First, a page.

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The Florida Senate

President Office — Press Release


March 4, 2021

CONTACT: Katie Betta, (850) 487-5229

Legislation to Modernize Right to Farm Protections Heads to Senate Floor

Tallahassee —

The Senate Committee on Rules, chaired by Senator Kathleen Passidomo (R-Naples), today passed Senate Bill 88, Farming Operations, by State Senator Jason Brodeur (R-Sanford). The bill expands protections available under Florida’s Right to Farm Act. Having passed three committees of reference, the bill is now available to be heard on the Senate floor.

“The Senate is committed to preserving Florida’s farms, legacy businesses that contribute to our nation’s food supply and billions of dollars to our state’s economy,” said Senate President Wilton Simpson (R-Trilby), a lifelong farmer. “Our state has experienced tremendous growth since Florida’s Right to Farm Act was originally passed in 1979, and it’s time to update this important law so existing farm work and complimentary agritourism activities are protected.”

“More and more people are leaving densely populated areas of the country and relocating to rural areas of our state. As new residential development encroaches on these traditionally rural areas, there is a friction that can lead to costly litigation. By modernizing Florida’s Right to Farm Act, we are striking the correct balance between residential development and critical farm work and agritourism activities,” said Senator Brodeur.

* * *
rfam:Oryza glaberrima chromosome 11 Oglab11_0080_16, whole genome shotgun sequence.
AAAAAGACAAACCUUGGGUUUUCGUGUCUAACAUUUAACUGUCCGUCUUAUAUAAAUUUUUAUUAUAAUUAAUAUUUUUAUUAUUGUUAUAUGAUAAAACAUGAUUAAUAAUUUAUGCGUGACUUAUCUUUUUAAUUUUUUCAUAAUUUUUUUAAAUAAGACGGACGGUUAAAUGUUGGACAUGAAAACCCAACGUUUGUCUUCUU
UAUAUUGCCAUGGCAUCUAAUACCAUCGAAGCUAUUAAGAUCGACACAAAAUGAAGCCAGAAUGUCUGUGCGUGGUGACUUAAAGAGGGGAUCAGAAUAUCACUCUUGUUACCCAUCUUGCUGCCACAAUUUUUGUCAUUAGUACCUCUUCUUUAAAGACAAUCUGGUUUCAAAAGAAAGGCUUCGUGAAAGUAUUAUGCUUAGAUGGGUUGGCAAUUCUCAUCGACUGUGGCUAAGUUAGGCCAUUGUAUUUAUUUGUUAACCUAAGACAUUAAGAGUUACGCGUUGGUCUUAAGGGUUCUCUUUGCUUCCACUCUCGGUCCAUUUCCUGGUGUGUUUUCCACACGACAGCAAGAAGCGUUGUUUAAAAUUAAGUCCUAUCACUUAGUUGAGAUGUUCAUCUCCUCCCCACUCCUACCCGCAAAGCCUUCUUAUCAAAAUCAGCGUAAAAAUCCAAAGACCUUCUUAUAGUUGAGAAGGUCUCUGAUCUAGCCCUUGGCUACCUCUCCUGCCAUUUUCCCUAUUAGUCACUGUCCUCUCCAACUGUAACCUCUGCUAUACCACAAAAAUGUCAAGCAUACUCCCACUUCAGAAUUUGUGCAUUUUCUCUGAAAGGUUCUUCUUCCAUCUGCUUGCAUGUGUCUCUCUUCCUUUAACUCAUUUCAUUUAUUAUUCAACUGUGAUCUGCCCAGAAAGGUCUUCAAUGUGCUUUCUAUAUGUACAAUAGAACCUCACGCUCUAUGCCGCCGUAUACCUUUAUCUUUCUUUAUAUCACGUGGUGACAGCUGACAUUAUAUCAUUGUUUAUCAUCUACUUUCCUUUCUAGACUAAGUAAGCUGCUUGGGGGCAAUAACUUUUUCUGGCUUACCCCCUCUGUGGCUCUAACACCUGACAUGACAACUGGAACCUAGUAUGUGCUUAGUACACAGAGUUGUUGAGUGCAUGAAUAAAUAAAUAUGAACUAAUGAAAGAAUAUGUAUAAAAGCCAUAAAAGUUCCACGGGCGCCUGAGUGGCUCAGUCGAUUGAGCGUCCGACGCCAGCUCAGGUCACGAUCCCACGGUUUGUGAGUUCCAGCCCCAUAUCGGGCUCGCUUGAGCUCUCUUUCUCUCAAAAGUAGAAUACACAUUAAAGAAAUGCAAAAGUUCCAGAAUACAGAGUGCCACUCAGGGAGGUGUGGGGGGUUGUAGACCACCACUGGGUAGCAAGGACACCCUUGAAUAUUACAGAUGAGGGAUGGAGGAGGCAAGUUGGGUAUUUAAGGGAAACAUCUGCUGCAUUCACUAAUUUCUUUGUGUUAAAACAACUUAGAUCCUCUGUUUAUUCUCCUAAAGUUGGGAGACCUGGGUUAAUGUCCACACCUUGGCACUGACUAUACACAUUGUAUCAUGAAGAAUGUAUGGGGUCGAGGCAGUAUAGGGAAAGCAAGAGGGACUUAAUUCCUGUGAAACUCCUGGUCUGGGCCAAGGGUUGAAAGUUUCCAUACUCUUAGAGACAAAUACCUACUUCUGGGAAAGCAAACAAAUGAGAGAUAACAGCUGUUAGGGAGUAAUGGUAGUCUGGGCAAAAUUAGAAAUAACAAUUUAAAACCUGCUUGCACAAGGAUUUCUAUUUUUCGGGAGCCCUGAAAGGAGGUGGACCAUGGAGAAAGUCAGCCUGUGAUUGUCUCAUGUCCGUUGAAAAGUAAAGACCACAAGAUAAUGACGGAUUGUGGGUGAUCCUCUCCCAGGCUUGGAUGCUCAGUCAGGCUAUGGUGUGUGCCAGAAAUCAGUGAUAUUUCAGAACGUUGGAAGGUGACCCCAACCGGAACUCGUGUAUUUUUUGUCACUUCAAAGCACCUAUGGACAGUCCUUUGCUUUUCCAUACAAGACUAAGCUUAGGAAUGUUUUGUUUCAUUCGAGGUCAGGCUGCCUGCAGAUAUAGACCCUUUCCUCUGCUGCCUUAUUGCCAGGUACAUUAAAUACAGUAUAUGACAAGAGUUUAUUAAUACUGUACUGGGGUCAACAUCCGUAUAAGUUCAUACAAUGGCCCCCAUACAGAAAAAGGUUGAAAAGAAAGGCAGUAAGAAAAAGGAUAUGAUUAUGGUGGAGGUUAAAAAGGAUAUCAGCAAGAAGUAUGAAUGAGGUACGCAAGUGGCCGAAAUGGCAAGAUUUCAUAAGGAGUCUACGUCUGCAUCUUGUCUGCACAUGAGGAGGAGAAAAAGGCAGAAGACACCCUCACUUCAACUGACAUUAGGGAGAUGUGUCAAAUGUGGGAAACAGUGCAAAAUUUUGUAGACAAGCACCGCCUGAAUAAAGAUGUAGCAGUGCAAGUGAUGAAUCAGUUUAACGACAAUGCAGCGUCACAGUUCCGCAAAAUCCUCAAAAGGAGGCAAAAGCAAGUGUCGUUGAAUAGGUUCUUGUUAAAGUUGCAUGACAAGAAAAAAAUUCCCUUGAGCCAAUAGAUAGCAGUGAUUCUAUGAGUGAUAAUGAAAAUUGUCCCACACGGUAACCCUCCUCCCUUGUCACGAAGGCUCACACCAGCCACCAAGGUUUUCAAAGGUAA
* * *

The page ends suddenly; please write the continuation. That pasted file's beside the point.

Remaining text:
Florida’s Right to Farm Act was originally passed in 1979. SB 88 expands and modernizes protections currently available under the Act to protect farmers from lawsuits based on their routine farming and agricultural activities.

The bill prevents a plaintiff from recasting a lawsuit as a negligence suit or another type of suit as a means of circumventing the legal protections for farming in the Right to Farm Act, and requires a plaintiff to prove by clear and convincing evidence that a farming activity does not comply with state and federal environmental laws, regulations, or best management practices.

The legislation also limits plaintiffs who may bring a nuisance lawsuit based on a farming activity to those located within one-half mile of the activity and limits damage awards to the market value of any property harmed by the nuisance. Additionally, the bill adds agritourism to the definition of farm operation.